“Sexy Peaches” in Greek Fields

Even if the peach tree comes from China, Greece’s peach cultivating tradition is kind of a big story. Northern Greece has vast valleys of peach trees. This time of the year the countryside near the city of Veria is a ‘sea of pink’. Peach fields offer a unique view, which nowadays not only nature lovers admire.

Although the peach tree’s scientific name is Prunus persica, it came from China to Persia (Iran). Greek botanist Theophrastus called it ‘Proumni from Persia’ and then this scientific name passed on to Linnaeus. Romans called them ‘Venus’ breasts’ because of the shape of the fruit. Did you ever imagine this while eating this delicious fruit? In Taoism, peaches symbolize fertility and is a symbol for sex. Then, the tree travelled to America and Australia with the explorers. Virginia started to cultivate peach trees 1720’s.

The Peach’s nutritional value consists mainly in vitamin A and C and it is rich is potassium and magnesium. Also, it has some iron. It is low in calories (a 100 g peach has 39 calories and is rich in fiber. But its true power is hidden in the antioxidants of the peal. It is better to buy organic peaches since the fruit needs a lot of agrochemicals to fight off diseases. Organic peaches are almost free of agrochemicals. If you have a small relatively warm place, it is easy to cultivate a peach tree and have your own peaches in around four years.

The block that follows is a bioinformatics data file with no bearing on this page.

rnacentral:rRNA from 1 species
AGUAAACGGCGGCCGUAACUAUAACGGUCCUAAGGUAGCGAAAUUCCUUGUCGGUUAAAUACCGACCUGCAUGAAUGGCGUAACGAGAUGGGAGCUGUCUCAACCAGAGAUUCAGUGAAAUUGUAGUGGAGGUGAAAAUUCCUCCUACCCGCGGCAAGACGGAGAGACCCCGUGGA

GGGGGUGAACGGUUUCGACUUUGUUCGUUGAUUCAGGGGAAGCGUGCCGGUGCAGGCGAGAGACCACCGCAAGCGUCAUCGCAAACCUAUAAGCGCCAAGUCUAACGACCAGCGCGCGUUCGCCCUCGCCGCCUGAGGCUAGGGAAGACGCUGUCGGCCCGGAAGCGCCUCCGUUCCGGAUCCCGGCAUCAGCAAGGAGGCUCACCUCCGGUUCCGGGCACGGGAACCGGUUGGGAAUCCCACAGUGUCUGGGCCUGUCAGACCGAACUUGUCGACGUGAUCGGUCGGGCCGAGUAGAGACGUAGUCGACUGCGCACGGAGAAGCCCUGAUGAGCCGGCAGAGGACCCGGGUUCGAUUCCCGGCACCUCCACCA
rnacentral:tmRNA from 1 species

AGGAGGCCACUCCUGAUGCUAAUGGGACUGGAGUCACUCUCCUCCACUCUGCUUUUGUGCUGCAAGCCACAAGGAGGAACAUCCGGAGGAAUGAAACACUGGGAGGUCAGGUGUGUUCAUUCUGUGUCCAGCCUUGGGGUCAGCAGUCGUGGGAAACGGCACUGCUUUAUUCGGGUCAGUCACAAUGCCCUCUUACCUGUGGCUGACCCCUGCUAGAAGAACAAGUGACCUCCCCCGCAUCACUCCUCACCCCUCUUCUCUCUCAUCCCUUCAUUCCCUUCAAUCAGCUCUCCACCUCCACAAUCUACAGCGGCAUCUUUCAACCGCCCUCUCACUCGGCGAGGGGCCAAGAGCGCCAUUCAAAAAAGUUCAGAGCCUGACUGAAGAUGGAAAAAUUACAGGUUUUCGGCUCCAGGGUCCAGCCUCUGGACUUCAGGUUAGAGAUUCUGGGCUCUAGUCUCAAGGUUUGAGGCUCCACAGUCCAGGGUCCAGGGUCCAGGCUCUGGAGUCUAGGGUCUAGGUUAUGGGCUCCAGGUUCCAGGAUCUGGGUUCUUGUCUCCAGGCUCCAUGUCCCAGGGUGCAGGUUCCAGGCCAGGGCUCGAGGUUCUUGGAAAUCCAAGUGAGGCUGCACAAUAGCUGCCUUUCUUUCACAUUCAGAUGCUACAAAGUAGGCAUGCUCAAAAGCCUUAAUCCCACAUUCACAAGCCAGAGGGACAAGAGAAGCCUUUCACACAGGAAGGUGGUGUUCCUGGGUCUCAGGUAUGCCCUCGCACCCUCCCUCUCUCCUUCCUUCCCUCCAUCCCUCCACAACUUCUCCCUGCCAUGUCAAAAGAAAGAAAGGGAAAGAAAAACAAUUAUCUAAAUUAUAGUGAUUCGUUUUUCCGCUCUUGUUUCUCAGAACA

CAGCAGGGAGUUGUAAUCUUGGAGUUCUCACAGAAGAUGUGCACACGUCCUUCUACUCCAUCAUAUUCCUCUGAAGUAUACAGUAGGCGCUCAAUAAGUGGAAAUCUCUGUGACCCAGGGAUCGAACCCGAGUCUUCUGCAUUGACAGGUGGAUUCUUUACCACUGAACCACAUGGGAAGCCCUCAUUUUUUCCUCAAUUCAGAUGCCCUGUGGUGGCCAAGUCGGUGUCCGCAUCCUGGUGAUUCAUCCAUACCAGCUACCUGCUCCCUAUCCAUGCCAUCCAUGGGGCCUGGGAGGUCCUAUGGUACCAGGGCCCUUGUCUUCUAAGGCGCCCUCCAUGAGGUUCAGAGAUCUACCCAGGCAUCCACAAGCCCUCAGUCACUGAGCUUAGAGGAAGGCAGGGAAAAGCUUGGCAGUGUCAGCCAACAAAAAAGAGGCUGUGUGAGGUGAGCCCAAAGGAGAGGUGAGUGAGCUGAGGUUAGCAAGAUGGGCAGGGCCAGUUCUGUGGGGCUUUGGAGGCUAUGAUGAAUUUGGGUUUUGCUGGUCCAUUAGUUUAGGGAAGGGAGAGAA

Greek tradition uses all parts of the tree for healing. Leaves are a diuretic and they are good for kidney problems. Flowers are ideal for asthma and constipation and the bark is used for bronchitis and asthma. External use of leaves with olive oil helps with burns and ground seeds and flowers are used in cosmetology for strengthening hair or as a peeling to remove dead cells of the skin.

*The above is not medical advice but mere suggestions for improving your diet. Before reach herbal use you should consult your doctor, especially those who have health issues, are pregnant or are under the age of 6.

Evropi-Sofia Dalampira is an Agriculturist-MSc Botany-Biology and PhD in Agricultural Economics, Agricultural-Environmental Education and Science Communication.


While the winter may seem like a tough time for seasonal fruits and vegetables, there are still leafy greens available to enjoy in a variety of dishes.

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